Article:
The City’s Combing the Streets, Block by Block, to Make Improvements

Mayor Marty Walsh's Office of Neighborhood Services will go out on foot and collect information about every inch of Boston.

There are more than 850 miles worth of streets, sidewalks, and squares that make up Boston’s neighborhoods, from Hyde Park to the Back Bay, and all the way to Charlestown—and Mayor Marty Walsh is determined to have members of his administration take a magnifying glass to every crack and crevice on each and every block.

“We are really excited to get out there,” said Jerome Smith, director of the mayor’s Office of Neighborhood Services, the branch of city government that will be heading a first-of-its-kind effort to comb through Boston to conduct what’s being called a “comprehensive audit” of every street in every neighborhood. “It’s just another way to engage with residents, and get them engaged in the community.”

Smith said when he started working with the city in May, Walsh challenged him to think about how how to approach neighborhood services differently.

“He was big on community engagement, so we were thinking about how we could do something different to have people come out and join us, and take ownership in their neighborhood,” he said. “So we thought, ‘let’s walk every street in the city.’”

Beginning September 15, Smith and a collective of city departments that includes Boston Police and Public Works crews, will officially launch the Neighborhood Engagement Walks initiative, or NEW.

The program will put 22 workers from the Office of Neighborhood Services on the ground with those departments to “assess each neighborhood in great detail” and jot down infrastructure needs, citizen gripes, and public concerns.

“I want them to know every inch of the area that they represent and the best way to do that is to get on the ground and in the weeds,” Walsh said in a statement Friday. “We can—for the first time in our history—truly assess every piece of this city, to better serve the people in our neighborhoods.”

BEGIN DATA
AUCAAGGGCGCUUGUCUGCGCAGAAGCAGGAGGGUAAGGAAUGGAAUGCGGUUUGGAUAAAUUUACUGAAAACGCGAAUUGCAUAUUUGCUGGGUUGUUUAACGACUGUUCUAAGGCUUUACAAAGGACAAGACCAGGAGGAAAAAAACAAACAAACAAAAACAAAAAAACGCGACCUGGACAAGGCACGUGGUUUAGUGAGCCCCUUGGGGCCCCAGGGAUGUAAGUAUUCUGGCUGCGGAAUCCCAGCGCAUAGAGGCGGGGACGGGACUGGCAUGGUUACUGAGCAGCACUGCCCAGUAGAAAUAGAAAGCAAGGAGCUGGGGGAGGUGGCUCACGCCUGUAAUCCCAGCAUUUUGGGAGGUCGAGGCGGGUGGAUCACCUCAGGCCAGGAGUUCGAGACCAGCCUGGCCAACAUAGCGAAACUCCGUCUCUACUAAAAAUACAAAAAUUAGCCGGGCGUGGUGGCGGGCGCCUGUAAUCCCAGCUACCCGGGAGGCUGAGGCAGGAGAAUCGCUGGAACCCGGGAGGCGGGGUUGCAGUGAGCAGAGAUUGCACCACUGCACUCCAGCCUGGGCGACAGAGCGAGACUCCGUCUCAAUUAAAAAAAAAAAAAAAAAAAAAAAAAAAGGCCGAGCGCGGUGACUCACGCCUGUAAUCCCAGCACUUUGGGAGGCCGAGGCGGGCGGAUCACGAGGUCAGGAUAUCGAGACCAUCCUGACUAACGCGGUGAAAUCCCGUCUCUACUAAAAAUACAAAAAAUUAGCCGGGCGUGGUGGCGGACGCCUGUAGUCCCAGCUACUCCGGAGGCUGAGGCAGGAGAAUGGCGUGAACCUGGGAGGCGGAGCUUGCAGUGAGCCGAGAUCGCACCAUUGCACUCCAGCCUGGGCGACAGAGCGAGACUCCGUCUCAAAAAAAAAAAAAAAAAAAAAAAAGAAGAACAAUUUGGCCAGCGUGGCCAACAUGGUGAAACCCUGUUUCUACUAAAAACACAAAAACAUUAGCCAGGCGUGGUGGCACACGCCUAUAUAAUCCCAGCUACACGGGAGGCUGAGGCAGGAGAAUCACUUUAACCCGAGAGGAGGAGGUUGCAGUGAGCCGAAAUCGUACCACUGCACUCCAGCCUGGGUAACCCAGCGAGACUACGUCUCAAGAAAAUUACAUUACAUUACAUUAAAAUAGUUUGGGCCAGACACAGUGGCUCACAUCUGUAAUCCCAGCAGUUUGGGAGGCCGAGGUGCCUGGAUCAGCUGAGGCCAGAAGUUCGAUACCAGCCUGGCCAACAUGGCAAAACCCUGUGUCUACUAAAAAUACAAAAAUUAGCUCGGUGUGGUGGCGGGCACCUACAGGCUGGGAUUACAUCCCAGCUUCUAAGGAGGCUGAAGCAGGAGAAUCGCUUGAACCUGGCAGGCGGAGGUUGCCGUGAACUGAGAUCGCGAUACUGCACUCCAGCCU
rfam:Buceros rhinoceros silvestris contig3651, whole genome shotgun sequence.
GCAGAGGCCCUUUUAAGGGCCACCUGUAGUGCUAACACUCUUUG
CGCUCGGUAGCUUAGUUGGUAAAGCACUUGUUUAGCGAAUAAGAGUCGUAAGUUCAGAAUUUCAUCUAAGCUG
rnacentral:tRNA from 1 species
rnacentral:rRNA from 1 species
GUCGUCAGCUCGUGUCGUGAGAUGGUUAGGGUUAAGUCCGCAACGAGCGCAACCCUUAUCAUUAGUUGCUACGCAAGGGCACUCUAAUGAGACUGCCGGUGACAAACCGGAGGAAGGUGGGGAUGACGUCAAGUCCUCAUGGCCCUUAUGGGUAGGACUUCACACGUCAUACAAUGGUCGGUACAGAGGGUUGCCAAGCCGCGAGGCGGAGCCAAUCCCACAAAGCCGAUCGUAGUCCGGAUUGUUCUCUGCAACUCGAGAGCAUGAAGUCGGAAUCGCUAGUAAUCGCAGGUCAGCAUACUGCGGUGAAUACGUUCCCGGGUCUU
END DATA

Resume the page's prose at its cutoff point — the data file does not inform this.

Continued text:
ONS representatives will be strapped with special tablets that are connected to city services so that data can be logged accordingly. That data will then be organized by the Department of Innovation and Technology, and later shared with the community through a “story map,” where residents can visualize where certain problems and complaints are coming from. The map will show both the routes that the group will cover, as well as progress made on projects identified as issues plaguing specific neighborhoods.

Smith said the project, a two-part process that will be continued in the spring, will require a lot of walking and talking.

“The walking party could grow,” he said, adding that they’ll invite business owners and community organizations to join in. “It will be a huge group of people walking through the streets.”

He said the new process will challenge the status quo of how things get done in City Hall, and will be a mix of old-school canvassing matched with the technological advances that Walsh has been pushing.

“We put this plan together and the mayor thought it was a great idea, we got the go ahead, and we are glad to get out there and cover all the miles of the city,” he said.